To steal and update a line for Wendell Berry: if you are an American liberal, you can say anything you want about poor white people, as long as you support the right of a lady with a penis to use the women’s bathroom.

When I was looking for a photo with which to illustrate this post, all the stock photos from Shutterstock, under the search term “West Virginia,” were bland landscapes. I added “poverty” to the search, but came up with nothing. To test something, I typed in the word “hillbilly,” which I understand is taken as a slur in Appalachia; I wanted to see if the service had anything tagged under that term. There were lots of images like the one you see above. Type in “ghetto thug” in a Shutterstock search, and you get a lot of images of African-Americans looking very tough and street, but nothing that makes fun of them. Not remotely like this.

A small thing, but it tells us something, I think, about the class contempt the mainstream has for poor white people.

UPDATE: Great comment from reader VikingLS:

I got some criticism for saying this before, but I stand by it. I lived in West Virginia for 3 years and Russia for 5 and there are some real similarities.

Both have some people who are astronomically wealthy, a lot of people who are grindingly poor, and a middle class that is pretty comfortable but isn’t sure what the future holds for their kids. Both also have a culture of corruption that is taken for granted.

Let’s start with Russia. Dimitri is middle management in a bank and lives in Moscow. He’s got a Russian made Ford (yes Russian made) lives 5 metro stops from the center and has a country house outside the city where he goes on the weekends to relax and tend to his garden. He’s got two kids in their teens that he’s got in a good school and has them taking English lessons after school three times a week. He’s got a good life, but he’s also not sure how to pass that life on to his kids.

Now let’s look at Mitch. Mitch is a bank branch manager in St. Alban’s WV. He also has two kids, they’re in public school because there isn’t really an alternative. (He went to Saint Alban’s High too, but he’s a little worried about the safety of the school now, not because of social progressives, but because of drugs) Mitch has a nice house just outside of town, 15 partially wooded acres, two horses he got for his daughter (she never rides them anymore but she cries every time he suggests selling them, so he pays the feed and vet bills) and a nice pond he had built that is teeming with bluegill. He has a good life. He also has no idea how his kids are going to have that kind of life.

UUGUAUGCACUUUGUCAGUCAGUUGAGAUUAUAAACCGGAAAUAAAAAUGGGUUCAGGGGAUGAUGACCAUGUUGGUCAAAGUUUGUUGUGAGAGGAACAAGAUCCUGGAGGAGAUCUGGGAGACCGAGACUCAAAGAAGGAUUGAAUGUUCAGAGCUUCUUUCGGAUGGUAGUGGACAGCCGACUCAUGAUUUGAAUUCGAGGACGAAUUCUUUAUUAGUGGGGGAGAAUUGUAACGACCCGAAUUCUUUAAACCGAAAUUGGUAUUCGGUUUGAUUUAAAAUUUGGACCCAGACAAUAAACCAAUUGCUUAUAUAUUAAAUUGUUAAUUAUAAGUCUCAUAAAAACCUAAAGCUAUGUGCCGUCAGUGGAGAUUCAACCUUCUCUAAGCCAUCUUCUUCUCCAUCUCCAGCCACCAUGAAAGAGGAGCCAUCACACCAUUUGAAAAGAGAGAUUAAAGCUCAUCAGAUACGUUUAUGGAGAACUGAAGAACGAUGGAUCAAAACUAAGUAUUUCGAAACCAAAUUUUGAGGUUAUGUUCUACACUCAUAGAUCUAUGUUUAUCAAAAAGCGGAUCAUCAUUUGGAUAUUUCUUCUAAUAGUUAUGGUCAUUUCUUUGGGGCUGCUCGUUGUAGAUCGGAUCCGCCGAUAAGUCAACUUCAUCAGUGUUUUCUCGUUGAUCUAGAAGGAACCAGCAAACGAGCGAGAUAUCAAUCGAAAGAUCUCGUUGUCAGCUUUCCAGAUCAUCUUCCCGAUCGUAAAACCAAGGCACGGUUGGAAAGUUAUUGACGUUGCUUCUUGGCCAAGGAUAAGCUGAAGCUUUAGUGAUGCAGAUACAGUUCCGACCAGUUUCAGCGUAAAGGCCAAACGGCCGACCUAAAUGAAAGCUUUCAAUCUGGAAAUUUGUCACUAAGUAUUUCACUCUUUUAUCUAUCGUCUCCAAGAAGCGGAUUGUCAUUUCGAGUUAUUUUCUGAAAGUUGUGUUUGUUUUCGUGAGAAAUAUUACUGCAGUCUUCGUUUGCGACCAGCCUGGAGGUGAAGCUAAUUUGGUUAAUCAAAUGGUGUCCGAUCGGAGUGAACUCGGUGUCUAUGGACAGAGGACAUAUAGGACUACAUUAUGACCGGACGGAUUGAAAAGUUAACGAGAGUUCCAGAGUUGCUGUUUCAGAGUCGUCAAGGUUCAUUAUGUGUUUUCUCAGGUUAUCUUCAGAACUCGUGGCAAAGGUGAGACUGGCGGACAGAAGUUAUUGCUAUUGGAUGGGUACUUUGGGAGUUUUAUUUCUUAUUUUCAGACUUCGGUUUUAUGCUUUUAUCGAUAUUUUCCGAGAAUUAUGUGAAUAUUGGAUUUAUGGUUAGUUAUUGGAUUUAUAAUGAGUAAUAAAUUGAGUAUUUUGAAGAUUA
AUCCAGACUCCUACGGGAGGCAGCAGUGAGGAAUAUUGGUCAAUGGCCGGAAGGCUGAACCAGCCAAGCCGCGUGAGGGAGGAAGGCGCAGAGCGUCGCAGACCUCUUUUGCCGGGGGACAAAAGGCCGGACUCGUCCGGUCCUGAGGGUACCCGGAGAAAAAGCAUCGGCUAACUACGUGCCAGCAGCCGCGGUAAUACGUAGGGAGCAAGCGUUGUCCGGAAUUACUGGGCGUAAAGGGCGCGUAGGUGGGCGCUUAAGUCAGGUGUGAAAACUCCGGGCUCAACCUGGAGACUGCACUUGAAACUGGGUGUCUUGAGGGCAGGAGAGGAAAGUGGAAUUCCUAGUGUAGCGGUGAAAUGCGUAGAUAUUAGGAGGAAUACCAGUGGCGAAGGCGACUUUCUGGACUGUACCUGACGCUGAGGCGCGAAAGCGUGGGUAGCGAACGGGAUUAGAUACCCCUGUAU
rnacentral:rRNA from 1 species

Now Mitch and Dimitri have a similar problem. They don’t need to get up and go, odds are any move would make their material situation worse. They also know their kids might be better off elsewhere materially, but would also be both so far away they would rarely see them and would be in a place where they’d face prejudice simply because of where they were born and their accents.

They also, oddly enough, have to worry about Washington killing the economy their comfortable life depends on in the name of some higher good.

Neither Dimitri nor Mitch is going to be very interesting to a journalist and probably would have the opportunity to meet one. (The reporter is talking to people they stop on the sidewalk or government officials. Mitch and Dimitri both drive and are in the private sector. )

Thus they are left out of the story and nobody understands why a Putin or a Bush get votes from these places where everybody seems to be poor other than an ignorant, racist, electorate.

about the author

Rod Dreher is a senior editor at The American Conservative. He has written and edited for the New York Post, The Dallas Morning News, National Review, the South Florida Sun-Sentinel, the Washington Times, and the Baton Rouge Advocate. Rod’s commentary has been published in The Wall Street Journal, Commentary, the Weekly Standard, Beliefnet, and Real Simple, among other publications, and he has appeared on NPR, ABC News, CNN, Fox News, MSNBC, and the BBC. He lives in Baton Rouge, Louisiana, with his wife Julie and their three children. He has also written four books, The Little Way of Ruthie Leming, Crunchy Cons, How Dante Can Save Your Life, and The Benedict Option.